Curator's note: In his new book The Signal and the Noise, statistician Nate Silver draws on data from Eric Floehr of ForecastWatch to discuss weather forecasting. John Cook interviewed Mr. Floehr about his background as a programmer, as well as ForecastWatch's methodology and hardware.
Eric Floehr is the owner of ForecastWatch, a company that evaluates the accuracy of weather forecasts. In this interview Eric explains what his business does, how he got started, and some of the technology he uses.
JC: Let’s talk about your business and how you got started.
EF: I’m a programmer by trade. I got a computer science degree from Ohio State University and took a number of programming jobs, eventually ending up in management.
I’ve also always been interested in weather. A couple years ago my Mom showed me my baby book. At five years old it said “He’s interested in space, dinosaurs, and the weather.” I’m not as interested in dinosaurs now, but still interested in space and the weather.
When I was working as a programmer, and especially when I was a manager, I liked to do little programming projects to learn things. So when I ran across Python I thought about what I could write. I’d wondered whether there was any difference in the accuracy of various weather services — AccuWeather, Weather.gov, etc. Did they use different models, or did they all get their data from the National Weather Service and just package it up differently? So I wrote a little Python web scraper to pull forecasts from various places and compare it with observations. I kept doing that and realized there really were differences between the forecasters.
I didn’t start out for this to be a business. It just started out to satisfy personal curiosity. It just kept growing every year. In my last position before going out on my own I was CTO for a company that made a backup appliance. We got to the point where the product was mature and doing well. ForecastWatch was taking more and more of my time because I was getting more business from it, and so I decided to make the switch. That was March 2010. Revenue doubled over the next year and and it looks like this year it will double again. Things are going well and I really enjoy it.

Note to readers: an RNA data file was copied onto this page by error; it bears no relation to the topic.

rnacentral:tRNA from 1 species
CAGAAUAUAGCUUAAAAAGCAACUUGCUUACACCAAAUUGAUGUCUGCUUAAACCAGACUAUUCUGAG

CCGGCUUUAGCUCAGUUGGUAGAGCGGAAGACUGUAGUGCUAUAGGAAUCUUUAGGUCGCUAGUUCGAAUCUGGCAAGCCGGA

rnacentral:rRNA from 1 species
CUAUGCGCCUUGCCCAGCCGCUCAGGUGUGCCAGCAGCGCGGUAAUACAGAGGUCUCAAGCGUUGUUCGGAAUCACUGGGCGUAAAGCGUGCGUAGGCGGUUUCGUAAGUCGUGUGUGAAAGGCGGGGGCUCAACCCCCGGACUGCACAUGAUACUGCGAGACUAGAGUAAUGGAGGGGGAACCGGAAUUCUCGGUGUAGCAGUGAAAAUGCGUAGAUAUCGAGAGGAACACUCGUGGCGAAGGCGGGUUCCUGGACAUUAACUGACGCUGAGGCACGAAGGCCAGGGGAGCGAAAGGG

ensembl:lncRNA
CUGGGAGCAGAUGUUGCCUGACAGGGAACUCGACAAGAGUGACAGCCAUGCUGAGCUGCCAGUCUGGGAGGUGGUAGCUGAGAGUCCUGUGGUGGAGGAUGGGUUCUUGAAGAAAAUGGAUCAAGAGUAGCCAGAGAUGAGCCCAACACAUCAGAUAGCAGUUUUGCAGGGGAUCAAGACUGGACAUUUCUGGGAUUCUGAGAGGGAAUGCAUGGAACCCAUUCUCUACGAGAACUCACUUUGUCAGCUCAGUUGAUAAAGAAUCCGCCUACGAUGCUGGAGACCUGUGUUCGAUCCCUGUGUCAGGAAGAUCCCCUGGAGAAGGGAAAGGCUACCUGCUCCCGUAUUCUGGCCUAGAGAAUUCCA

JC: So you hadn’t been doing this that long when we met last year at SciPy in Austin.
EF: No, I’d only been doing this full time for a few months. But I’d been doing this part-time since 2004.
I didn’t have full-time revenue when I was doing this part-time. But it’s amazing. Once you have the time to focus on something, the opportunities that you hadn’t had time to notice before suddenly open up. Just the act of making something your focus almost makes your goal come to fruition. For years you think “too risky, too risky” and then once you make that jump, things fall in place.
JC: So what exactly is the product you sell?
EF: There are two main components. There’s an online component that is subscription-based. It provides monthly aggregated statistics on forecasts versus actual observations. It has absolute errors, min and max errors, Brier score, all kinds of statistics. It evaluates forecasts for precipitation, high and low temperature, opacity, wind speed and direction, etc. Meteriologist use those statistics to evaluate their forecasts to see how they’re doing relative to their peers.
The second component is research reports. Sometimes meteorologists will commission a report to show how well they’re doing. These reports are based on standard, widely-accepted metrics and time-frames, so they can’t just cherry-pick criteria they happened to do well on. But if they see there are statistics in ForecastWatch where they are doing really well, they might want to tell their customers. I’ve also created reports for media companies, large internet service providers, energy trading companies and other companies who were evaluating weather forecast providers or want some other data analysis related to weather forecasts.